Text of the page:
MONTPELIER — In a sternly worded letter to a top executive at the technology firm hired to build Vermont’s new health insurance exchange, the Shumlin administration late last month served notice that it plans to withhold more than $5 million in payments as a result of CGI’s “failure” to meet deadlines.
The Nov. 21 letter represents the first formal move by the state to impose the “liquidated damages” that CGI Technologies and Solutions could face for missing at least four “critical milestones.”
And it comes as the state seeks new bargaining power over the company on which it’s relying to fix the problems that will otherwise prevent Vermont from having a fully functioning exchange.
“What we’re focused on now is making sure we exercise the rights we have under the contract … and making sure Vermonters get what they were promised,” Mark Larson, commissioner of the Department of Vermont Health Access, said Tuesday.
Larson wrote to Melissa Boudreault, the vice president of state health solutions at CGI’s office in Andover, Mass., that the state “is in the process of investigating and documenting the full extent of CGI’s shortcomings.”
Larson wrote that his letter “shall constitute” the “payment dispute notice” Vermont is required to file under the contract in the event that the state exercises its option to impose damages for missed deadlines.
“During the past year, CGI has failed to meet a number of … Critical Milestones, has repeatedly missed delivery dates for many of the project’s key … deliverables, and has only partially completed other … deliverables,” Larson wrote.
“Most importantly, because CGI has yet to provide (the state of Vermont) with a fully functioning website, Vermont residents still cannot buy their health insurance plans online, as promised.”
Larson went on to demand a “sit down with high-level CGI executives, face-to-face, in order to map out a new path for completing” the exchange project “as soon as possible.”
In late 2012, Vermont enlisted CGI to construct the technological infrastructure needed to deploy one of the biggest health care reform initiatives in state history. The $90 million contract was laden with key deadlines intended to ensure readiness by the exchange’s Oct. 1 launch date. But, as has been the case with insurance exchanges across the country, Vermont’s website has been plagued with technological problems and even now cannot facilitate premium payments from small businesses.
In a phone interview Tuesday, Larson said the state has yet to schedule the “sit down” with CGI. But he said he’s confident the meeting will occur in the reasonably near future. He said the state intends to extract a new set of promises from CGI about when the key functions needed to make the website work will be complete.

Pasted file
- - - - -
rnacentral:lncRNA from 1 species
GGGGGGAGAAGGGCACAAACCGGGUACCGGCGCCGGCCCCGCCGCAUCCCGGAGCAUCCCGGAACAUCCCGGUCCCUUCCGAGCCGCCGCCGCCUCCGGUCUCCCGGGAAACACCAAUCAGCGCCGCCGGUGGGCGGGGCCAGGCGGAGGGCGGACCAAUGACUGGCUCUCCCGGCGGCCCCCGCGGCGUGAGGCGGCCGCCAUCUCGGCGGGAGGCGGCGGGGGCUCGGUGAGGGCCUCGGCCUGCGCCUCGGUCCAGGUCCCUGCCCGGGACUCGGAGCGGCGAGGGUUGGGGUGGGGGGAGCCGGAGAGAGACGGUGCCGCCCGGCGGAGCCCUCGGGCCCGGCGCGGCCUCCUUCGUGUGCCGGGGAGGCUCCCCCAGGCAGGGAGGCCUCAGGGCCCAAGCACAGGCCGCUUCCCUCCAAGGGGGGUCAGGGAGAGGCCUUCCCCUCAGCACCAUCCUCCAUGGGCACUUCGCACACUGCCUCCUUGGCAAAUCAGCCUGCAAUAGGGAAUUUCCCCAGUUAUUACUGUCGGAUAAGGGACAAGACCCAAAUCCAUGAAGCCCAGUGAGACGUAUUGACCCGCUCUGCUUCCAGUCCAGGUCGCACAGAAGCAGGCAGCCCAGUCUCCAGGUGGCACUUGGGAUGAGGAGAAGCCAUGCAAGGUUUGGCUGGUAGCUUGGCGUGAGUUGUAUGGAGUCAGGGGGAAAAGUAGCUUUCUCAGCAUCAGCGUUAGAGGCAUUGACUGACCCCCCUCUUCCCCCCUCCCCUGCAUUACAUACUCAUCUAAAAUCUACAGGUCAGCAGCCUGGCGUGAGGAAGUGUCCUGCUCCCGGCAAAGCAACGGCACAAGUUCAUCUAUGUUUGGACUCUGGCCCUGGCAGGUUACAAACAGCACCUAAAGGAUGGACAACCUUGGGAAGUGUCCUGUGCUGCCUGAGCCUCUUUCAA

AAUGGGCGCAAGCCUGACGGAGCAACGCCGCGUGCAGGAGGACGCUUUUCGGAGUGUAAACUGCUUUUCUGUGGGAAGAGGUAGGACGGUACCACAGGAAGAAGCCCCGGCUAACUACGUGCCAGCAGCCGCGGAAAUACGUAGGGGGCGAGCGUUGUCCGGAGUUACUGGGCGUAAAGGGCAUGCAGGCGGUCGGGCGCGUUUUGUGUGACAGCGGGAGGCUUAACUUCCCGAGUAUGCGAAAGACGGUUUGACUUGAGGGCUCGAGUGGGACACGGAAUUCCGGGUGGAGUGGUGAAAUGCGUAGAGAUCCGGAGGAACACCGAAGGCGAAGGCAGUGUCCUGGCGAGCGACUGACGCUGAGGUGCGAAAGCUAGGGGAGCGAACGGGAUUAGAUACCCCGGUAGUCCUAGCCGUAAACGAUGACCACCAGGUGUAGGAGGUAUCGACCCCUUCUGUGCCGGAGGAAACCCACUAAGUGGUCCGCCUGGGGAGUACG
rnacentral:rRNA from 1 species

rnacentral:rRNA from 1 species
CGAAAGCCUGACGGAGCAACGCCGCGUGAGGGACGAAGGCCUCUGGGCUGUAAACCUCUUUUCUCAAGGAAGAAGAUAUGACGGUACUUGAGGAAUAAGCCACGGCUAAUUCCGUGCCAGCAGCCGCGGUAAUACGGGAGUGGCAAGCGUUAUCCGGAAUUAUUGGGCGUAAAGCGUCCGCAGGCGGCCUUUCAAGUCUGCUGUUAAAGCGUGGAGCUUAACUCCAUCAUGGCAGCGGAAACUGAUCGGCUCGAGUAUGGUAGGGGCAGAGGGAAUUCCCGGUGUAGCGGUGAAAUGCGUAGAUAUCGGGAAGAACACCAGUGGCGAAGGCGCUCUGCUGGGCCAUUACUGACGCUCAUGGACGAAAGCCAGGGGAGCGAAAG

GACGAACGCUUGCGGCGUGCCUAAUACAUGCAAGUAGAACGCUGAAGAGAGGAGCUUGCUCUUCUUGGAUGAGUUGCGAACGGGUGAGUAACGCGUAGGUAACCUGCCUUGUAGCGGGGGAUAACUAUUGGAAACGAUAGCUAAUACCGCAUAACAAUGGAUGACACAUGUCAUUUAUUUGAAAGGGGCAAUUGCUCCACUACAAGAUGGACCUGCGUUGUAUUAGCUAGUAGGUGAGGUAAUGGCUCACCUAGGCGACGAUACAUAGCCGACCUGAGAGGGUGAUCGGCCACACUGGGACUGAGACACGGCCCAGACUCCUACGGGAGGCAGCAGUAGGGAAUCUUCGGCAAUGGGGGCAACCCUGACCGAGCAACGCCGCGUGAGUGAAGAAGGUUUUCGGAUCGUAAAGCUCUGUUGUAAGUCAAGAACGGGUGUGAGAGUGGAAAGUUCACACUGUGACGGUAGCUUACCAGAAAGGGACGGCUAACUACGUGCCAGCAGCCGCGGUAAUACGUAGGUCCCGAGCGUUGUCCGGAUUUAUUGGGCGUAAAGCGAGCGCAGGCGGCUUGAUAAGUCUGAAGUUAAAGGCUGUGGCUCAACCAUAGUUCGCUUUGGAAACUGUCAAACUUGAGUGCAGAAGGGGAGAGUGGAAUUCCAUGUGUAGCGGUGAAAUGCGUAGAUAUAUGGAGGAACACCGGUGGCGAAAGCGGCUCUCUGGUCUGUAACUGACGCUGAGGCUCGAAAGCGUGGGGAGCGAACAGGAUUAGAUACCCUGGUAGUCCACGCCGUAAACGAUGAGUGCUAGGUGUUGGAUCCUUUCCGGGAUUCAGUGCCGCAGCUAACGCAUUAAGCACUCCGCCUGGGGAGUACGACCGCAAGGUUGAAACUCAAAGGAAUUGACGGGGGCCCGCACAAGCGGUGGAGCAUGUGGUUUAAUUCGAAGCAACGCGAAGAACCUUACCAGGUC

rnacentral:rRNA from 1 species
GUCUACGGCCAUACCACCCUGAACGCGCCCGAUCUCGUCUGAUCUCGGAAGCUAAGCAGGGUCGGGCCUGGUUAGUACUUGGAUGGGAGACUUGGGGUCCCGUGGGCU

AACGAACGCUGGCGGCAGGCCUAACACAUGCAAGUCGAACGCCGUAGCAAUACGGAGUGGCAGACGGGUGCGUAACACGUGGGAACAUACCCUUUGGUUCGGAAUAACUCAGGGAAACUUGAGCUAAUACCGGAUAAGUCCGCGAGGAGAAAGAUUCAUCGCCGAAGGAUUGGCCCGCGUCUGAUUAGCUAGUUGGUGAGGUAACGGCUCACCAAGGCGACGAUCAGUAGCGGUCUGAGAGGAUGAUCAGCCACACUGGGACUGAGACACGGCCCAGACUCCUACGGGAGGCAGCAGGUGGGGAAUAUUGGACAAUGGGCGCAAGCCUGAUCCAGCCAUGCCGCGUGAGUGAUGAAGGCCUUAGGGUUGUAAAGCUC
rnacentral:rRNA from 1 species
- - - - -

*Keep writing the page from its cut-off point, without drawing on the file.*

“What we want to do is have a discussion about the milestones that have been missed and talk about how do we establish a clear contract schedule for how the rest of the work will be completed,” Larson said Tuesday.
Larson enumerated to Boudreault the alleged “shortcomings” and “failures” by CGI in recent months. Those missed milestones, according to Larson, are largely responsible for a troubled rollout that has forced the state to delay enrollment deadlines.
In an emailed statement Tuesday, Linda Odorisio, vice president of global communications at CGI, said “we are currently reviewing the communication we received from the state of Vermont and are considering our options.”
The state’s contract with CGI includes a process for resolving disputes.
“Despite the many challenges of this complex program, Vermont Health Connect is enrolling consumers thanks to an enormous team effort,” Odorisio said. “CGI fully intends to honor the terms of its contract while at the same time dedicating its resources to continually improve Vermont Health Connect.”
The state’s contract with CGI includes provisions for “liquidated damages” for missed deadlines. Those damages, according to the contract, “are intended to be reasonable estimates of the actual damages that (the state of Vermont) would suffer.”
Penalties accumulate for each day a deadline goes unmet; failure to meet some of the more critical milestones results in six-figure sanctions per day.
By the state’s count, CGI has amassed more than $26 million in liquidated damages. The contract, however, caps CGI’s liability for missing deadlines at $5.1 million.
Larson wrote to Boudreault that the state intends to withhold payment on several invoices, in amounts totaling the $5,102,492.91 damages cap written into the contract.
Despite language in the contract about estimated damages incurred by the state, Larson said Tuesday the tech firm’s failings haven’t in fact cost Vermont $26 million in losses. It’s unclear why the damages the state has tallied don’t reflect an actual financial impact on Vermont.
Larson said the state has paid CGI about $18.6 million so far for services provided under the contract.
While the state’s letter to CGI announces its intention to withhold payments for liquidated damages, Larson wouldn’t say whether Vermont is committed to assessing them.
The money, and whether Vermont continues to withhold it, could become a bargaining chip as the state looks to CGI to invest new corporate resources into the project and deliver a fully functioning website as quickly as possible.
“We are very committed to making sure Vermont gets what it was promised under the contract and that Vermonters see the value,” Larson said Tuesday. “So I can’t comment on specific resolutions to any conflict we might have about pathways to getting to that place.”
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